Aaron represents the ideal type of teacher we hope that all students can have, the teacher whom we envision facilitating learning in classrooms of the future — classrooms full of kids who are learning by making. He trusts his students, letting them and himself take risks and and embrace the opportunity, and sometimes terrifying uncertainty — to independently work towards the completion of ambitious projects. He asks his students to take the same analytical, inquiry-based approach to both their science projects and their Maker Faire exhibits. Students choose the problem they want to solve, figure out their own procedures, build their own tools, complete their projects, and analyze and present their results. In effect, he asks them to work as scientists and engineers do. Aaron knows when to sit back and observe, as well as when to step forward and help. He’s willing to ask more questions than he answers, challenging his students to think critically, collaborate, and learn alongside one another. Through making with his students, his students internalize the processes of design, science, and engineering. This isn’t easy to do. But Aaron patiently works with his students to do it, because regardless of what path they follow after they leave Lighthouse, these understandings will yield an impact in their lives far greater than merely mastering the simple facts of science.

When he came to Lighthouse one of his first projects involved getting students to build aRube Goldberg-like mousetrap. But he soon learned many students lacked basic woodshop skills to complete the project so he brought in various power tools to get his students up to speed. And they did.

“It made me very happy to see ladies with very long nails use a baby Skil Saw,” he said.

Aaron’s students were free to create whatever interested them. His message was”if you want to go do it, do it. We’re here to help you figure out how to do it.”

The Pendulum Swings Back

Of course making isn’t new. Shop, jewelry, and auto mechanics classes were once common in public schools but support for those hands-on courses waned as the push for a test-driven, standards-based education gained prominence.

Stauffer calls making a “new-old concept” and represents what she sees a swing of the pendulum away from rote testing and the teaching of standards as a way to bridge the so-called achievement gap between socio-economic groups toward a more practical education based on experiential learning, accessibility, design, and “failing forward” where mistakes are to be expected and welcomed as part of the learning process.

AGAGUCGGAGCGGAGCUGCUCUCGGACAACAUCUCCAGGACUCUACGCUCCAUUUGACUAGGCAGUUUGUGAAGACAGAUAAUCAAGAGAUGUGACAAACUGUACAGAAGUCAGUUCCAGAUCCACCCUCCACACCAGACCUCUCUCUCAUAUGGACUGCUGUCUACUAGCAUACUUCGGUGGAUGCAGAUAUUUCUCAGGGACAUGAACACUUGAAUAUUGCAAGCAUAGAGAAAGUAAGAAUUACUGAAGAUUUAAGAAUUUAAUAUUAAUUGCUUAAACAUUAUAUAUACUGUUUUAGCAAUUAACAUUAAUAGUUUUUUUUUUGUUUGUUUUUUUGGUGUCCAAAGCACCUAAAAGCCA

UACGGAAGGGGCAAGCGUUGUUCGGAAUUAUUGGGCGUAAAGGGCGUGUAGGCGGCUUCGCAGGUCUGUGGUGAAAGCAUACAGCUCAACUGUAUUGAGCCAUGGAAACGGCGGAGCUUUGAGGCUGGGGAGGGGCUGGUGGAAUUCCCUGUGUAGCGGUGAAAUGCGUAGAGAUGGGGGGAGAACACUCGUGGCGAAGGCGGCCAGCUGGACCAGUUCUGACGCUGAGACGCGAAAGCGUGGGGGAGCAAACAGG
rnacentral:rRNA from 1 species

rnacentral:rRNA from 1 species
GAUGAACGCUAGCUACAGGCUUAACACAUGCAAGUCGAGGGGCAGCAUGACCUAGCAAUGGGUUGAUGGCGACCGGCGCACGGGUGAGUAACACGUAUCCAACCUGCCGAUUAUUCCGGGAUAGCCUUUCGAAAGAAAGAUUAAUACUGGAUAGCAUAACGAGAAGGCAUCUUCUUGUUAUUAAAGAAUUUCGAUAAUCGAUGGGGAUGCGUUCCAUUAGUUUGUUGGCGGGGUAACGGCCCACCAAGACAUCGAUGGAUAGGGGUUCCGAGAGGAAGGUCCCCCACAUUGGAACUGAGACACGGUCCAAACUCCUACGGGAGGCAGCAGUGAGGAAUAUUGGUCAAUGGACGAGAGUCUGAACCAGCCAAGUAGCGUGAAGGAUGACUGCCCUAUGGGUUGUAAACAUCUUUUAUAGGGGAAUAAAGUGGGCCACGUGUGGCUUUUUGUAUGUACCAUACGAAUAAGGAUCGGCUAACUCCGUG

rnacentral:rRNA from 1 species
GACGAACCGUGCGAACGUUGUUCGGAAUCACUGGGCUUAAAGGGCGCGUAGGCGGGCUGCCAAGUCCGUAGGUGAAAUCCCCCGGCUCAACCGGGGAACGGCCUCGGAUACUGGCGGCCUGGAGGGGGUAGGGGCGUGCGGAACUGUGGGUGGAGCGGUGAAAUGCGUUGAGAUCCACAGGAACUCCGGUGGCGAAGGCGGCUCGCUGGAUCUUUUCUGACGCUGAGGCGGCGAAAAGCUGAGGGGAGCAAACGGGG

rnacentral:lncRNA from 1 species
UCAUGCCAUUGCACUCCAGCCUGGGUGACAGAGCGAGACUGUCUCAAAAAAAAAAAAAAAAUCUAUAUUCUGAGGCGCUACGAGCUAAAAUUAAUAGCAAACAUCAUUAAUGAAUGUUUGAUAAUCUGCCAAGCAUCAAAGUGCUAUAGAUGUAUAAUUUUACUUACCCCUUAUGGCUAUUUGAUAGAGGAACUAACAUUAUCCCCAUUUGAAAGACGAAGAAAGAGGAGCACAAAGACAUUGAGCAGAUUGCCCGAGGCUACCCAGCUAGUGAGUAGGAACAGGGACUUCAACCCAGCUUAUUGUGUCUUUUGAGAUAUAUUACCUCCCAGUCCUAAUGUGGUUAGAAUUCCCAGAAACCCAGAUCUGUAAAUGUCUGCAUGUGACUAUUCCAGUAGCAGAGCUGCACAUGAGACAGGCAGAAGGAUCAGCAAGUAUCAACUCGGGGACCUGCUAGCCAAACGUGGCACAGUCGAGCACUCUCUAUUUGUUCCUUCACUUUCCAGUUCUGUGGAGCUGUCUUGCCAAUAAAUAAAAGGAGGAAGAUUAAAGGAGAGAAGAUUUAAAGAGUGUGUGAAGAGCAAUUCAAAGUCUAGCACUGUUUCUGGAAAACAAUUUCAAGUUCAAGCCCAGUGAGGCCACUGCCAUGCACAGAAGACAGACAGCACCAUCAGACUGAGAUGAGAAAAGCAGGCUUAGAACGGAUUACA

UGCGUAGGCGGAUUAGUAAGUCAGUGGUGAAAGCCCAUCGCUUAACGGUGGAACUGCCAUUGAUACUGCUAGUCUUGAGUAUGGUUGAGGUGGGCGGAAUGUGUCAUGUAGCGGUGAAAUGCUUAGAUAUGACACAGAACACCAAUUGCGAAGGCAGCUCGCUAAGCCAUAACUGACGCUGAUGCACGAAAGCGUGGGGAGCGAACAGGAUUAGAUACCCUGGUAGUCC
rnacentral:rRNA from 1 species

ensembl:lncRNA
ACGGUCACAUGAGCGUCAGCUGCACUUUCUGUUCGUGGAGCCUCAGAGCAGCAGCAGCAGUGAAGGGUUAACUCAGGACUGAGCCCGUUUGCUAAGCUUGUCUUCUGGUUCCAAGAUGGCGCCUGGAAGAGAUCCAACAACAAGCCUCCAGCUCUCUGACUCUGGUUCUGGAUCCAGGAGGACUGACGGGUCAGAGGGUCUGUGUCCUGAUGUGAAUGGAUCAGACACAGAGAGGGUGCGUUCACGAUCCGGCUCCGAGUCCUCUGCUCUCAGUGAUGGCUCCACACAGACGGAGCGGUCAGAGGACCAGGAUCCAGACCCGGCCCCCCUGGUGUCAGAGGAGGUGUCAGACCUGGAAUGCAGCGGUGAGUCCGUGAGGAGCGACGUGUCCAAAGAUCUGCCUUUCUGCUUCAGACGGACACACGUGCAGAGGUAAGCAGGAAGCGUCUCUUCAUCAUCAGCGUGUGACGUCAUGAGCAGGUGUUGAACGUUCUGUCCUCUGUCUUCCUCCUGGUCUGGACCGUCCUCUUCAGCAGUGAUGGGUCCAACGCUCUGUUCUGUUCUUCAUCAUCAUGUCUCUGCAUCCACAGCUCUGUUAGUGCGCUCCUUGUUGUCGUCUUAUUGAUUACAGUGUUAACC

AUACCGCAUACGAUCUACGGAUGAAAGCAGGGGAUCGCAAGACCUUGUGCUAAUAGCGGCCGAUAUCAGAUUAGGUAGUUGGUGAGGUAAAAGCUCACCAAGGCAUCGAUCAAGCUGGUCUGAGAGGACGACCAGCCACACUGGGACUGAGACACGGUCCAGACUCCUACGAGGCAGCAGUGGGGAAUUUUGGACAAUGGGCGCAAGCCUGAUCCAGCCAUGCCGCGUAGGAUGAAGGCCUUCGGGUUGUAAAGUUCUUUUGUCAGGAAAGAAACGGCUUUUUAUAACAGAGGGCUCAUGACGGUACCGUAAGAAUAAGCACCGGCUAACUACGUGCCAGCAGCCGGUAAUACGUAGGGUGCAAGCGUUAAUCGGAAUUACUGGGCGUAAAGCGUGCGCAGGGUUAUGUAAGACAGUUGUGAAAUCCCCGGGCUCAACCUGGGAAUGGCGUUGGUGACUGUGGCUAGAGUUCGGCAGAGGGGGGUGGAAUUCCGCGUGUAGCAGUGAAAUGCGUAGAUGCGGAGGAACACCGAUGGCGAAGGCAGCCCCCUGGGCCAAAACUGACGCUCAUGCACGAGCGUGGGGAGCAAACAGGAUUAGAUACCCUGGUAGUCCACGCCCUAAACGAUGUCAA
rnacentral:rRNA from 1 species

She’s particularly excited about the possibility the grant offers in facilitating greater parental involvement. Many of the school’s parents work in trades and some have not found as way to become involved in the school and share their knowledge, something that the school asks of parents. Incorporating making in its many forms can give parents that opportunity, Stauffer said.

“If we can get that I’ll be really excited,” she said.

What’s possible

On the last day of school, students were writing thank you letter to mentors who had come into the class to help them. Mentors are a big part of Vanderwerff’s success. He’s able to bring in professionals from Pixar and Silicon Valley to speak and work with students. And even as the stood on edge of summer graduation and graduation, seemed to get that they’ve been part of something specials.

Lighthouse students Carlos Ramirez, Raul Pena, and Tony Ramirez and their EV truck project.

“This class made me feel good and that I did something positive,” said senior Carlos Ramirez.

He was one of three students who built an electric vehicle conversion project. Now he’s interested in pursuing a career in automobile design, a career path shaped in part by his maker education and Vanderwerff, he says.

That’s just the kind of experience Vanderwerff and Stauffer want to hear more of making goes school-wide next fall.

“Science, at it’s root, is trying to understand the world around us,” said Vanderwerff.

Letting students become active participants in their own education “lets the kids know they’ve been respected,” he said.

“I’ve seen some of the transformations that have happened,” adds Stauffer. “This is showing kids what’s possible.”

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Stett Holbrook is editor of the Bohemian, an alternative weekly in Santa Rosa, California. He is a former senior editor at Maker Media.

He is also the co-creator of Food Forward, a documentary TV series for PBS about the innovators and pioneers changing our food system.

View more articles by Stett Holbrook